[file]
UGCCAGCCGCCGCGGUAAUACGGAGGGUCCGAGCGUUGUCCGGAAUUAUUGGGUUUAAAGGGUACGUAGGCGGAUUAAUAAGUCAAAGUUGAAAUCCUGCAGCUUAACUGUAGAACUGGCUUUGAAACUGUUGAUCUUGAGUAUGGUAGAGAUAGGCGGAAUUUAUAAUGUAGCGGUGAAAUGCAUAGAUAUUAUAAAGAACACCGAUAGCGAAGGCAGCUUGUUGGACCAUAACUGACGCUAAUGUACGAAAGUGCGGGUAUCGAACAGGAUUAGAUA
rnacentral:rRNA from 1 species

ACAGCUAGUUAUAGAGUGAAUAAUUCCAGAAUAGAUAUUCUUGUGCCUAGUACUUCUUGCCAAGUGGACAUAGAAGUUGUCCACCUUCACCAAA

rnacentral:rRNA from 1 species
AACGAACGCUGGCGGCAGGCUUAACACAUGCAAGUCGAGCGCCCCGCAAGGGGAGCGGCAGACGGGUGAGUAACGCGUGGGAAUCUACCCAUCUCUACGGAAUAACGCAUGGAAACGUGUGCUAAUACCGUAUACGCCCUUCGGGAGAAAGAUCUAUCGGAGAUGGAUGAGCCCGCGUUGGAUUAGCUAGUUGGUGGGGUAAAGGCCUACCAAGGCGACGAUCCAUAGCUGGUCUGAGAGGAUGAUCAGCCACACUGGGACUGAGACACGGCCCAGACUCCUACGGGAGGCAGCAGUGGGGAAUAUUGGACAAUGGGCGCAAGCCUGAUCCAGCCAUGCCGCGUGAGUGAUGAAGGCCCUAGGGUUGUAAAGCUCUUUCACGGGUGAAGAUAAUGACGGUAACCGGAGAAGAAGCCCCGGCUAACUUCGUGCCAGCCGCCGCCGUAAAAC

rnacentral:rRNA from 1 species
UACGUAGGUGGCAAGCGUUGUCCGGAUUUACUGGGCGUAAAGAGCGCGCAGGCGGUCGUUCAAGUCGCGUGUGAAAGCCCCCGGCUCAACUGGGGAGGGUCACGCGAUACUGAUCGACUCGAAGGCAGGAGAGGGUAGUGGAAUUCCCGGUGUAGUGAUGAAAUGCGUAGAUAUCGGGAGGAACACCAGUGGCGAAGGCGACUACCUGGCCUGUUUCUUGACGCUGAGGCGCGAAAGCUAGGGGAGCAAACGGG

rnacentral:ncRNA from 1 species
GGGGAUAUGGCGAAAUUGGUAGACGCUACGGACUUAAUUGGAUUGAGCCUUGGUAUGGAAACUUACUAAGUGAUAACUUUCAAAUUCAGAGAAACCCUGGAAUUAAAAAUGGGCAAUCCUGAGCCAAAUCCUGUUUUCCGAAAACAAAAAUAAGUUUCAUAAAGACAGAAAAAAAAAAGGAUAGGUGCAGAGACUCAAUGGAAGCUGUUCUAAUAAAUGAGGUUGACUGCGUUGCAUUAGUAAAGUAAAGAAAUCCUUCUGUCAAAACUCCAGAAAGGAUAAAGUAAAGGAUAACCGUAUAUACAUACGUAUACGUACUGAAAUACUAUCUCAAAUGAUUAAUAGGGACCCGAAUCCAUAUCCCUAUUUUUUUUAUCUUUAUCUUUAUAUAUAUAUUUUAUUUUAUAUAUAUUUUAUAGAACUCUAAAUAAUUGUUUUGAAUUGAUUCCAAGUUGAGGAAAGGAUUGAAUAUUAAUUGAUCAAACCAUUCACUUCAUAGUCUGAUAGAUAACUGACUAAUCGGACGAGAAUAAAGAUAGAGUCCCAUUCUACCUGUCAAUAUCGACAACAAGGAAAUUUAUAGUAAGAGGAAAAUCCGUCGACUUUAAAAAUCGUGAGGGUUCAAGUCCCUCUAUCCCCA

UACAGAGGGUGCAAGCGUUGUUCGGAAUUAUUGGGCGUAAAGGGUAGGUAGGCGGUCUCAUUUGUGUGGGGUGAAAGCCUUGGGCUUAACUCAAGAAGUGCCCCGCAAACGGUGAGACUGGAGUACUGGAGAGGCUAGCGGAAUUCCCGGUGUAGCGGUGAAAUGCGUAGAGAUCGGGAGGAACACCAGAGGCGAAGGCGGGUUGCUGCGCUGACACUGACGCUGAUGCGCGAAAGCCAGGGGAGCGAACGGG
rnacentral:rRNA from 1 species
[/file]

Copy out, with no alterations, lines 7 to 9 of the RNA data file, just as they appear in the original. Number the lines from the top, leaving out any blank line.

UACGUAGGUGGCAAGCGUUGUCCGGAUUUACUGGGCGUAAAGAGCGCGCAGGCGGUCGUUCAAGUCGCGUGUGAAAGCCCCCGGCUCAACUGGGGAGGGUCACGCGAUACUGAUCGACUCGAAGGCAGGAGAGGGUAGUGGAAUUCCCGGUGUAGUGAUGAAAUGCGUAGAUAUCGGGAGGAACACCAGUGGCGAAGGCGACUACCUGGCCUGUUUCUUGACGCUGAGGCGCGAAAGCUAGGGGAGCAAACGGG

rnacentral:ncRNA from 1 species
GGGGAUAUGGCGAAAUUGGUAGACGCUACGGACUUAAUUGGAUUGAGCCUUGGUAUGGAAACUUACUAAGUGAUAACUUUCAAAUUCAGAGAAACCCUGGAAUUAAAAAUGGGCAAUCCUGAGCCAAAUCCUGUUUUCCGAAAACAAAAAUAAGUUUCAUAAAGACAGAAAAAAAAAAGGAUAGGUGCAGAGACUCAAUGGAAGCUGUUCUAAUAAAUGAGGUUGACUGCGUUGCAUUAGUAAAGUAAAGAAAUCCUUCUGUCAAAACUCCAGAAAGGAUAAAGUAAAGGAUAACCGUAUAUACAUACGUAUACGUACUGAAAUACUAUCUCAAAUGAUUAAUAGGGACCCGAAUCCAUAUCCCUAUUUUUUUUAUCUUUAUCUUUAUAUAUAUAUUUUAUUUUAUAUAUAUUUUAUAGAACUCUAAAUAAUUGUUUUGAAUUGAUUCCAAGUUGAGGAAAGGAUUGAAUAUUAAUUGAUCAAACCAUUCACUUCAUAGUCUGAUAGAUAACUGACUAAUCGGACGAGAAUAAAGAUAGAGUCCCAUUCUACCUGUCAAUAUCGACAACAAGGAAAUUUAUAGUAAGAGGAAAAUCCGUCGACUUUAAAAAUCGUGAGGGUUCAAGUCCCUCUAUCCCCA